Mazel Tov Cocktail
Basically a French 75, the recipe illustrated here first appeared in the New York Times in response to a malaprop uttered during the Presidential campaign. The Creme de Violette softens the Genever quite nicely.
In the past several weeks, we have seen an administration hell-bent on bypassing protocol and unilaterally asserting its own agenda.Wherever one stands on any of the issues that have shown up in the cross-hairs, it is undeniable that the changes will be to the detriment of at least one group. Some of the threats, such as eliminating the Affordable Care Act, are legitimate, while others, such as abolishing the Environmental Protection Agency may be nothing more than the abolition of Executive term limits that tends to pop up somewhere along each President’s second term. How do the new laws affect the way we conduct business?
To many, the elimination of the ACA or EPA bring us one step closer to a dystopian future, but as business leaders, does it have to be? Let’s assume for a moment that providing group health care coverage and protecting our land, air, and waters have an ethical value and that the ethical value is a net positive. Does that value change if the law no longer requires that people have a baseline coverage? Dare we regress to the smog-laden skylines of the mid-70s and create a Love Canal in every community without the federal oversight to keep us in check? I’m sure if I asked every reader individually, the answer would be “of course not,” but we assume “the others will.” Why do we make that assumption?
Perhaps we assume we have a moral and ethical high ground over our competitors, our neighbors, our partners. Is this really the case? Perhaps it’s naive of me to believe that others share my altruistic bent, that the concept of “all for one and one for all” exists outside French literature. Or perhaps the blind spot is internal.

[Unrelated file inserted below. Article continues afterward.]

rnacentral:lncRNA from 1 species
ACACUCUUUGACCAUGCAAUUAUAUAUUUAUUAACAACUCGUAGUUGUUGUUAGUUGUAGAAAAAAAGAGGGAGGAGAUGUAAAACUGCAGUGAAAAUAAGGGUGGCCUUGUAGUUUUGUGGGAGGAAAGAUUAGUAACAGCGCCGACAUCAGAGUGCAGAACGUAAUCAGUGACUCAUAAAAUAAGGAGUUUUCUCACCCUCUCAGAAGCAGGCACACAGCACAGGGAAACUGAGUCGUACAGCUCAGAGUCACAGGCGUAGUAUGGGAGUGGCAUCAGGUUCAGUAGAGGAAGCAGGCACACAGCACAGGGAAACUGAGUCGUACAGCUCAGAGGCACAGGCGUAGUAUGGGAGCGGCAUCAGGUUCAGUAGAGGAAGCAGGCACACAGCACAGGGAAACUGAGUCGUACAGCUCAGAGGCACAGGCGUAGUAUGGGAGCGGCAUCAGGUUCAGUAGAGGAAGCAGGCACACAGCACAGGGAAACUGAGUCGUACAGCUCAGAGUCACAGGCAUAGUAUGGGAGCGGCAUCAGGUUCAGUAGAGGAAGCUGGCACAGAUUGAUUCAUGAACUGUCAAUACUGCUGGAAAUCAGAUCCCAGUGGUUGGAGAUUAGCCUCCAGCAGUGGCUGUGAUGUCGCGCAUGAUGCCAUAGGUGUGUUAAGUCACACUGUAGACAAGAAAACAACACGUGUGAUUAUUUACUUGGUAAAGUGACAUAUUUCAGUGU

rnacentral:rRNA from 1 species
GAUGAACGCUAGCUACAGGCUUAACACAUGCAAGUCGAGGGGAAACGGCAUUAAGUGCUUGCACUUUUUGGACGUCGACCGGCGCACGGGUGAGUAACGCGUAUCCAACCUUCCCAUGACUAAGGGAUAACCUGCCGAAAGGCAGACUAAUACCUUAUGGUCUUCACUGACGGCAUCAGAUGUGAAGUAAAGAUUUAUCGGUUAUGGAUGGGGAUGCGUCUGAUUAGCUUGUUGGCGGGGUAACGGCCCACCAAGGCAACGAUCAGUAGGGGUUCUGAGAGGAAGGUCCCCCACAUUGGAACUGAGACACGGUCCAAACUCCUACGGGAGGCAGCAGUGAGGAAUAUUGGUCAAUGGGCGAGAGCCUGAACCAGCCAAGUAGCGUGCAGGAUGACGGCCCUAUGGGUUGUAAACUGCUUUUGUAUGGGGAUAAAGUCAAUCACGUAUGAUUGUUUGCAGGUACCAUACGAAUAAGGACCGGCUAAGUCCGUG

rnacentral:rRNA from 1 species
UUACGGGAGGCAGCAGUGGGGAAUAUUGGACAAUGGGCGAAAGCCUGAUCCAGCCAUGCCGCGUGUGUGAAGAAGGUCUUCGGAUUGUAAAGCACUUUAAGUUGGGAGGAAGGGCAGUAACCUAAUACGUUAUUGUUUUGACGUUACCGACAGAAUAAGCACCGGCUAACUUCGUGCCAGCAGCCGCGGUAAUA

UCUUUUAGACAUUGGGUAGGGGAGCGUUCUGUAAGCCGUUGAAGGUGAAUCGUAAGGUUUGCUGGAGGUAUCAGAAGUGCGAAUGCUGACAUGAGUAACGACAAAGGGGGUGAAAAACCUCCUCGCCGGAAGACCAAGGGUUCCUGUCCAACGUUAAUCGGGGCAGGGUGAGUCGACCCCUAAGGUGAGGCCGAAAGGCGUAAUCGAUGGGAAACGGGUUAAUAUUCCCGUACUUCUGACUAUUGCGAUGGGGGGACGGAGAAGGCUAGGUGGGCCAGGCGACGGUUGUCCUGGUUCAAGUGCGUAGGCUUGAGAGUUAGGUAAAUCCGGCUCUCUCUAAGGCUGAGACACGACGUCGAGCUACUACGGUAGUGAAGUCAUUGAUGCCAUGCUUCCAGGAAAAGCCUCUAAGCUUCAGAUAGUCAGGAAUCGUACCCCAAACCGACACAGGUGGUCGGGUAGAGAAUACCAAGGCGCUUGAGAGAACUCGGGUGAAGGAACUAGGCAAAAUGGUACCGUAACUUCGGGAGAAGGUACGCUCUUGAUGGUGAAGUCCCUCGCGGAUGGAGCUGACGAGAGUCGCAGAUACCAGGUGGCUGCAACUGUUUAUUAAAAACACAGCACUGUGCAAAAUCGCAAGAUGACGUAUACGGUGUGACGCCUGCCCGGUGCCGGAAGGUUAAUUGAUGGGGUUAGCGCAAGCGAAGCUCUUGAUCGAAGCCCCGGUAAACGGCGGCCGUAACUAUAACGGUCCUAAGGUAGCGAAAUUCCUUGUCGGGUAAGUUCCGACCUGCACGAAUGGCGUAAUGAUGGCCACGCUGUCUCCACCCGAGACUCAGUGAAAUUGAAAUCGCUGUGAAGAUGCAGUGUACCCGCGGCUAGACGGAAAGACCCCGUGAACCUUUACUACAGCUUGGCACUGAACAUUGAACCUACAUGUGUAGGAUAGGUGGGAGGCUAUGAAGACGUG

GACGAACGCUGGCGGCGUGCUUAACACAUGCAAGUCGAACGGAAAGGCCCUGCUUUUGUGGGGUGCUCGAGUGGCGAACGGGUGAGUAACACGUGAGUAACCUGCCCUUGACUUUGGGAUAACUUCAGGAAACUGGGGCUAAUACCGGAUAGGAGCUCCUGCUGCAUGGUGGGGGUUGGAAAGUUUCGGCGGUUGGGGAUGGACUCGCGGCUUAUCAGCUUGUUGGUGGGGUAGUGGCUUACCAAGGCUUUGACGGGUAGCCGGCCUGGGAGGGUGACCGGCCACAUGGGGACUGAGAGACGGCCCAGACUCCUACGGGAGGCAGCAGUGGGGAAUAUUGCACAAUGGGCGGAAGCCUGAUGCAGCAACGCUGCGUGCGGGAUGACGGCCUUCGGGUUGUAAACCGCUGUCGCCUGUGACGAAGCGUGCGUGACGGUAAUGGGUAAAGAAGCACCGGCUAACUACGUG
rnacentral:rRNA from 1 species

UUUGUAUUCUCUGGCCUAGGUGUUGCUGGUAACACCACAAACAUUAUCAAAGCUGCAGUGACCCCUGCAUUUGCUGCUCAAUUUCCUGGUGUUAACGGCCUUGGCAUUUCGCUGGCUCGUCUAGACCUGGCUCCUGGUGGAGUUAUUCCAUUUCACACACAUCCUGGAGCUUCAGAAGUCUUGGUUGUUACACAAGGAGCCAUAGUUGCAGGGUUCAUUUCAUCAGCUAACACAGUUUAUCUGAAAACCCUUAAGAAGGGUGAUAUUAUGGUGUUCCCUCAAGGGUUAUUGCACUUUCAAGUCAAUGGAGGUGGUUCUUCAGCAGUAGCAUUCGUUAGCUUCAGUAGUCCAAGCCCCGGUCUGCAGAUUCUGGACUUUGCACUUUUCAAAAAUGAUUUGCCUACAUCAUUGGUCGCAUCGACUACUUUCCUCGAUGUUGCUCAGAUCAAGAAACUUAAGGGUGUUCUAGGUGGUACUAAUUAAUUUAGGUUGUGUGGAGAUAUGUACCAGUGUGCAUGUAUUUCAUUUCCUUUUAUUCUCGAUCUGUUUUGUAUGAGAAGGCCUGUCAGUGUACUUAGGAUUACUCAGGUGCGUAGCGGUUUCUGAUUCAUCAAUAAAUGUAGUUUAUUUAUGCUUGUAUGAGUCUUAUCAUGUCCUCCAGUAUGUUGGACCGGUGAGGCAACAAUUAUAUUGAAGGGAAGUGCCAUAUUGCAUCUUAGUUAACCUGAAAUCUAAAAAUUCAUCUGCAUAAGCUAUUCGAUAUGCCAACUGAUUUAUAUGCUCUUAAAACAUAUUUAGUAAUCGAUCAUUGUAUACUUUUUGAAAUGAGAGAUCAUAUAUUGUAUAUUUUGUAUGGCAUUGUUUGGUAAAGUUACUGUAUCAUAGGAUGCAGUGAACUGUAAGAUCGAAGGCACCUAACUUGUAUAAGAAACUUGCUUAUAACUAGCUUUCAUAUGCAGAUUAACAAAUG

How many times have we slipped that 12th item into the 10 items or less express lane or put a little extra pressure on the accelerator even though we’re already a standard deviation over the speed limit? Similarly, how do we respond when a business decision runs up against a law? In truth, even with laws in place, many companies expend time and resources seeking loopholes–identifying employees as “independent contractors” to avoid paying taxes or letting a driver continue his/her run off the log books to keep within the hours of service or, perhaps, dumping materials down the storm drain.
Okay, dear reader, you’ve never done any of that. Only an unethical swine would consider such chicanery. Be honest, though, was it because of an ethical decision or just the fear of the consequences of breaking the law? (I’ll not touch on unjust laws. Thoreau and Rev. King had plenty more to say about that) Knowing that the law is usually just a baseline–think minimum wage vs living wage–if we are to change direction simply because sets of laws disappear, we are none of us more ethical than those who remove the law.